How to See by David Salle

On my long ride into work this morning I finished David Salle’s book “How to See”. While everything is still fresh in my head, here is a very short review.

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For those unfamiliar with Dave Salle, he is an American painter who rose to prominence in the early 1980’s with bright, graphical artworks that bear a strong resemblance to Robert Raushenberg. His book “How to See” contains several short essays about his famous artists friends and their work.

While not overly academic, the book may be a little dry – if not pretentious – for the casual art fan. For the practicing artist however, it provides a unique look into the mind of an extremely successful painter, and shows how someone in the “in crowd” looks at, and judges art.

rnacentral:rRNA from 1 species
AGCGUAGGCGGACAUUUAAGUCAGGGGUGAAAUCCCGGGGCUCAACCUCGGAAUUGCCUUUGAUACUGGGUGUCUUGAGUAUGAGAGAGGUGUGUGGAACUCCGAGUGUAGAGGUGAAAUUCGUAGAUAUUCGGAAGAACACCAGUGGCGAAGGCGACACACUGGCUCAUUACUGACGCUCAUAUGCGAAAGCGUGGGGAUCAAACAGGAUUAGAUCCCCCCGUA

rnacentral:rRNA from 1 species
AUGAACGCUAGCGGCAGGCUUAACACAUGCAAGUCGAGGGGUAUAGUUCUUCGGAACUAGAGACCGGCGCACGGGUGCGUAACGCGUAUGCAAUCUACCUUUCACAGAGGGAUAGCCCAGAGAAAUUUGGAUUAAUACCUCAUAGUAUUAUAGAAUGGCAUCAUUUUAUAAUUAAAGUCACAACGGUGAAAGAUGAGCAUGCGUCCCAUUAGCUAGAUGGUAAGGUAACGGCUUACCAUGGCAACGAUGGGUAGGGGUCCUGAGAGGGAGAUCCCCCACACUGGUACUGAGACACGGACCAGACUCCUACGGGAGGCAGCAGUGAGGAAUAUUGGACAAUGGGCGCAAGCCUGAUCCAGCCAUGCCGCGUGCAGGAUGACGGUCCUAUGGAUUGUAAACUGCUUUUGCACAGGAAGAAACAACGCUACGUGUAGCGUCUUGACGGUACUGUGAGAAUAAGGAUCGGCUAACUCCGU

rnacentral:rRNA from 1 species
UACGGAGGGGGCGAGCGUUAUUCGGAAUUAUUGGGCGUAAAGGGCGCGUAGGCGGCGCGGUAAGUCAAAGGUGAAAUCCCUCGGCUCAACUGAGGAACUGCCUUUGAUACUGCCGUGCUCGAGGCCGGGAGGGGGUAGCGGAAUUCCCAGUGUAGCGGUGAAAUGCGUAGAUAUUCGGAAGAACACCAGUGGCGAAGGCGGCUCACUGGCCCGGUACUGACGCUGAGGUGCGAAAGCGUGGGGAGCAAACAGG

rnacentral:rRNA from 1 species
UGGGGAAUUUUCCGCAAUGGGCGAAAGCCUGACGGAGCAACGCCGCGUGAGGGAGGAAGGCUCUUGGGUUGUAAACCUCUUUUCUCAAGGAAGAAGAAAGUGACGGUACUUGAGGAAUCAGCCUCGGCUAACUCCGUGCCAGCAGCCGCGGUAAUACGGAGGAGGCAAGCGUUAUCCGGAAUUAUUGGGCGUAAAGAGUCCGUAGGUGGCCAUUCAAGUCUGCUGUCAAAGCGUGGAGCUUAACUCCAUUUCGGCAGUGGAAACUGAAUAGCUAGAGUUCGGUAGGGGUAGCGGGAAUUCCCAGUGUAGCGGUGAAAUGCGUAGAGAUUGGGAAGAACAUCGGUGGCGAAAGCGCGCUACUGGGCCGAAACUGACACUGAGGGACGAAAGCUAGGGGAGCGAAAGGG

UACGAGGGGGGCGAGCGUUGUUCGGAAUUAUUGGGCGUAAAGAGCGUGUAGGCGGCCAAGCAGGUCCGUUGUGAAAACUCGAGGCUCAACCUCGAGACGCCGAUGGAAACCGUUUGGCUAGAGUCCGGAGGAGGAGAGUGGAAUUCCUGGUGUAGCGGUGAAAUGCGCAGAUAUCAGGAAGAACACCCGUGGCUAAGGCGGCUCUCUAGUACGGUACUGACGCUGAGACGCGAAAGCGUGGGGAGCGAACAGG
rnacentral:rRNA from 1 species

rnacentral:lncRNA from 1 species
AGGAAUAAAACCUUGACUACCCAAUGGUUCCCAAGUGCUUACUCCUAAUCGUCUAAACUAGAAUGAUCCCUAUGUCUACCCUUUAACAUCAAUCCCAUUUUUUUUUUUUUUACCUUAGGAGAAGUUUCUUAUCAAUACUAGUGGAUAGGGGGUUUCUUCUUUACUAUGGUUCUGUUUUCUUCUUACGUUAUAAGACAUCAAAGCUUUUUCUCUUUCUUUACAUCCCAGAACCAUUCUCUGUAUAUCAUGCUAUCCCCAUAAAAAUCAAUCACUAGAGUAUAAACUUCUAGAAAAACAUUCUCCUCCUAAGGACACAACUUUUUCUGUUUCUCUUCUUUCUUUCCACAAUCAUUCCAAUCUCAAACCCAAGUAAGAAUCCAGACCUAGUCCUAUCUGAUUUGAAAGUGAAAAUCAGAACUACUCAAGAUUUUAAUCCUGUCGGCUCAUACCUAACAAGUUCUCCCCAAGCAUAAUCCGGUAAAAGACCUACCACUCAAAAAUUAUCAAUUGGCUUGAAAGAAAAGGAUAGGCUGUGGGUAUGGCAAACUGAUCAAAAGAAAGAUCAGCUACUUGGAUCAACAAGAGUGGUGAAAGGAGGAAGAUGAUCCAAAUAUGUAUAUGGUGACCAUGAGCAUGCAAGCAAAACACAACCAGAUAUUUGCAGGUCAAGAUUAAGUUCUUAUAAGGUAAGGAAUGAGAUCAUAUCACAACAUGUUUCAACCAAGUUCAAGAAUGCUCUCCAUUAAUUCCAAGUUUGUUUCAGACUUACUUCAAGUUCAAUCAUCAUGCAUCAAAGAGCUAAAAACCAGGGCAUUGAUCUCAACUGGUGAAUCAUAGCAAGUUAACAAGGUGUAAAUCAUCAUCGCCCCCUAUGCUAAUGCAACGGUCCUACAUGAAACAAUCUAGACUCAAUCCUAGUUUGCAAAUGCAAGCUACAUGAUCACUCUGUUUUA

With the exception of a few digs (specifically one against Oscar Murillo), the tone of this book is largely upbeat. It is obvious that Salle knows a great deal about the art world and the creative process.

I liked all the essay’s, but I especially liked the one titled “A Talk for the First Day of Class.” It contains a series of questions and exercises, some serious, some not.

If your a fan of David Salle, or a fan of art in general, I suggest you pick up a copy.

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